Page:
New sign to replace Ellicott Theatre marquee

September 15, 1997|By Edward Lee | Edward Lee,SUN STAFF

The Howard County Historic District Commission has approved Sun and John Pacylowski's application for a new sign to replace the prominent marquee that had for so many years announced the musicians and artists performing at the Ellicott Theatre in historic Ellicott City. The theater, on Main Street at Old Columbia Pike, closed last month.

John Pacylowski said the new sign is the first of several changes at the theater, which is next-door to a collectibles shop, called Precious Gifts, that he and his wife own.

He said the 55-year-old building will undergo a two-phase renovation.

The first stage, scheduled to be completed by April, will involve an expansion into the structure's lobby and front hallway.

The second phase, which is to begin next summer, will complete the expansion by converting the theater portion into retail space, Pacylowski said. He said cramped space of his current store necessitated an expansion.

"We only have 580 square feet here," he said. "We do a substantial amount of business, and we're outgrowing the space."

But Pacylowski said the new space will preserve the flavor of the theater by displaying some of its artifacts, such as its camera and projector.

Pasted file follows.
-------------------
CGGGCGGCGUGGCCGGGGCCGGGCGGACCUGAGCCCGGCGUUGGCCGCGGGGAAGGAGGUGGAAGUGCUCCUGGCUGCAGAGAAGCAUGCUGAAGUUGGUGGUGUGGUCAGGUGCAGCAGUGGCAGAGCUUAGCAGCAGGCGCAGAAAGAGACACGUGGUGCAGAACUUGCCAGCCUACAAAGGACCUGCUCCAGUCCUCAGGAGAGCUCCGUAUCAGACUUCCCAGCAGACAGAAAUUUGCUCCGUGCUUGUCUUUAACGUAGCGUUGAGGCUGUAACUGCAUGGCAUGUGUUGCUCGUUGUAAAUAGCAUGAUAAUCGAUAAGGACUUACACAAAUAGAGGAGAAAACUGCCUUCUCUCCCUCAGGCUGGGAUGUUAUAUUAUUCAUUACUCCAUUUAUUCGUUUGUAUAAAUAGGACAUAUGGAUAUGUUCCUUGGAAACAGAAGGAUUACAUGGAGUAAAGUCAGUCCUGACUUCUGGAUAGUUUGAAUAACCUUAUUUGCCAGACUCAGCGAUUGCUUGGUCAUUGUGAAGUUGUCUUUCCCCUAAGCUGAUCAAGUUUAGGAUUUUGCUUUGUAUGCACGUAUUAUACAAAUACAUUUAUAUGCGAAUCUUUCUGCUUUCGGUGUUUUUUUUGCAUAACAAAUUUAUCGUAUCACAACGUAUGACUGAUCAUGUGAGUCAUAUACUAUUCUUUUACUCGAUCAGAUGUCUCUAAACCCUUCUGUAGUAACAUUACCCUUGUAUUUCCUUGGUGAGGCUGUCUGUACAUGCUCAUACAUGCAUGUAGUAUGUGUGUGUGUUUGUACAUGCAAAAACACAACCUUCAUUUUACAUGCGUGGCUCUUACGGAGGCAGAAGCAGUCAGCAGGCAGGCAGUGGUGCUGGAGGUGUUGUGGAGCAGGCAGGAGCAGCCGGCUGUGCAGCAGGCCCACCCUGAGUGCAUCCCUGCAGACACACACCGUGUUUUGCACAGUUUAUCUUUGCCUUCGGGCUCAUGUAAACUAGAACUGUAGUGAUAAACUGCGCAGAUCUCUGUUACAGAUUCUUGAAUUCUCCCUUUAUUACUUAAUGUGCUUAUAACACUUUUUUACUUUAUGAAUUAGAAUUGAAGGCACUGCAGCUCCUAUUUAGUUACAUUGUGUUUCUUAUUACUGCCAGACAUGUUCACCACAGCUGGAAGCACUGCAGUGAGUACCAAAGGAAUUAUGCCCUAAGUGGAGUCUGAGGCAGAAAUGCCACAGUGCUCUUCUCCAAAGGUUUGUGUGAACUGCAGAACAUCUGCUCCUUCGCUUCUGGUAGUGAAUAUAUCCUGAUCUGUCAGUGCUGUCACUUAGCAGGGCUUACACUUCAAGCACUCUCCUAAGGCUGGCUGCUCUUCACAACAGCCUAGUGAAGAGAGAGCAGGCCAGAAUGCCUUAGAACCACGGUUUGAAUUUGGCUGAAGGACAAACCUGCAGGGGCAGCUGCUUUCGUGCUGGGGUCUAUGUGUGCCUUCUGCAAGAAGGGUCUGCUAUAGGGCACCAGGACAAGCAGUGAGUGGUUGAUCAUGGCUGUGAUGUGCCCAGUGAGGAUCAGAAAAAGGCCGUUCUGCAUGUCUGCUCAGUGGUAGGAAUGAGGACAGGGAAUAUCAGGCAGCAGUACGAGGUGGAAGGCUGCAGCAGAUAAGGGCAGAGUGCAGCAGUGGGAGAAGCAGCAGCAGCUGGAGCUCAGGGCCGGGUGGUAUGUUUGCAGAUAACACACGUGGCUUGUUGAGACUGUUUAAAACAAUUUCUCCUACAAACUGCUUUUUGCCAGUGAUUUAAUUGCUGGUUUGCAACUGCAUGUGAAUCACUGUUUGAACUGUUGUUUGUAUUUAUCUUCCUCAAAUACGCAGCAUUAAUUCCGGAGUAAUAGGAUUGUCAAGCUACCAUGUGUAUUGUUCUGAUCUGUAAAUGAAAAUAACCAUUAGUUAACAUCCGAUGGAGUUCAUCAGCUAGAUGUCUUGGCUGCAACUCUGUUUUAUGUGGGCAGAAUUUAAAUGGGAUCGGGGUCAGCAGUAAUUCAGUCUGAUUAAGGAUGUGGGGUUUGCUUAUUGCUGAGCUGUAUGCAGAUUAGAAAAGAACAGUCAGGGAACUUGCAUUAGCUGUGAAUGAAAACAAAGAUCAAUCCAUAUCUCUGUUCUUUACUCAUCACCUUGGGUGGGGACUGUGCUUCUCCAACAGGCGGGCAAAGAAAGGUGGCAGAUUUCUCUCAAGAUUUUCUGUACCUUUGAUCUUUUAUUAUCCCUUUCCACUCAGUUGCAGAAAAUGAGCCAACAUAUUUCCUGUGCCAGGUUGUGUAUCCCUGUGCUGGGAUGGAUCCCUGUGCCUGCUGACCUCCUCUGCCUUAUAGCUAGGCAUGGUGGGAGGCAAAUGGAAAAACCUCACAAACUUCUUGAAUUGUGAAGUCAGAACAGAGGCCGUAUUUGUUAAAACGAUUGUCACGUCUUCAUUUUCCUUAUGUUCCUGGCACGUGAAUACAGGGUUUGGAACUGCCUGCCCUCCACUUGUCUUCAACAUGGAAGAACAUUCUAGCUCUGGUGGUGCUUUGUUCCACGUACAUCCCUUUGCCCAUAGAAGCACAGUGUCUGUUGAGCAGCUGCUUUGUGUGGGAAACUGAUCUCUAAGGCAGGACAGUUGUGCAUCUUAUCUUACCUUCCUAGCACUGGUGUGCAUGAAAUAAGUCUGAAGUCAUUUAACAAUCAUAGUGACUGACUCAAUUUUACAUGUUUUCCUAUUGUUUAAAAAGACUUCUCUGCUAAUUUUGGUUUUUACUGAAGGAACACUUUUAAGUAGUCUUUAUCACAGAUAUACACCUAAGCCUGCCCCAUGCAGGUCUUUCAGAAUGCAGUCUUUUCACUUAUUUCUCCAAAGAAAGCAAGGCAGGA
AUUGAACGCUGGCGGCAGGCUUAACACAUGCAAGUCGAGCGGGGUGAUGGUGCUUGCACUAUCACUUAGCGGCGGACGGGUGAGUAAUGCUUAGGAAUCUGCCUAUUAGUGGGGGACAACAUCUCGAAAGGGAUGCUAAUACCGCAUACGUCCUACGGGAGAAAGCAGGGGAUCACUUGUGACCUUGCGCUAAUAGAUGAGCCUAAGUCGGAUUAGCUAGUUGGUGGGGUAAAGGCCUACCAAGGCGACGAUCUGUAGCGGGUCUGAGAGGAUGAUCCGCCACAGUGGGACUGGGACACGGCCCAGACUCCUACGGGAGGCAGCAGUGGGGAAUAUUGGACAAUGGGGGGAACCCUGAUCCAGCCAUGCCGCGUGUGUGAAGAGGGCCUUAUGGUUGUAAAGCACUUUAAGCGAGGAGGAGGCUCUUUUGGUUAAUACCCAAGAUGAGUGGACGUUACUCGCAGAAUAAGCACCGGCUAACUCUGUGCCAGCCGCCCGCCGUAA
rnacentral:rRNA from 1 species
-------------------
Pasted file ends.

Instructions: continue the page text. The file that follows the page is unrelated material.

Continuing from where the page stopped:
"We want to capture the history of the theater," he said. "It'll be a nice stop for tourists because it will show the history."

The theater closed Aug. 10 because it did not bring in enough revenue for the building's owner.

Though the building has been a focal point for arts and entertainment dating to the 1940s, it has also at various times housed a variety of ultimately unsuccessful retail operations, including a comics and collectibles shop, a coin-operated laundry and a grocery store, as well as a children's theater and a disco.

Meanwhile, Tony McGuffin, who operated the Ellicott Theatre -- the latest performing arts venue in the space that opened in 1995 -- said he is working with Barry Gibson, a dental technician and former president of the Ellicott City Business and Professional Organization, to open a new performing arts venue at the Forget-Me-Not Factory on Main Street.

McGuffin said the building, which was once an opera house, could be altered for concerts if he and Gibson receive the historic and arts grants for which they are applying.

"There's a possibility we could open that space," McGuffin said, adding that he still misses the Ellicott Theatre.

"That's still a heart-breaker for me, but at least we have a possibility here."

Pub Date: 9/15/97

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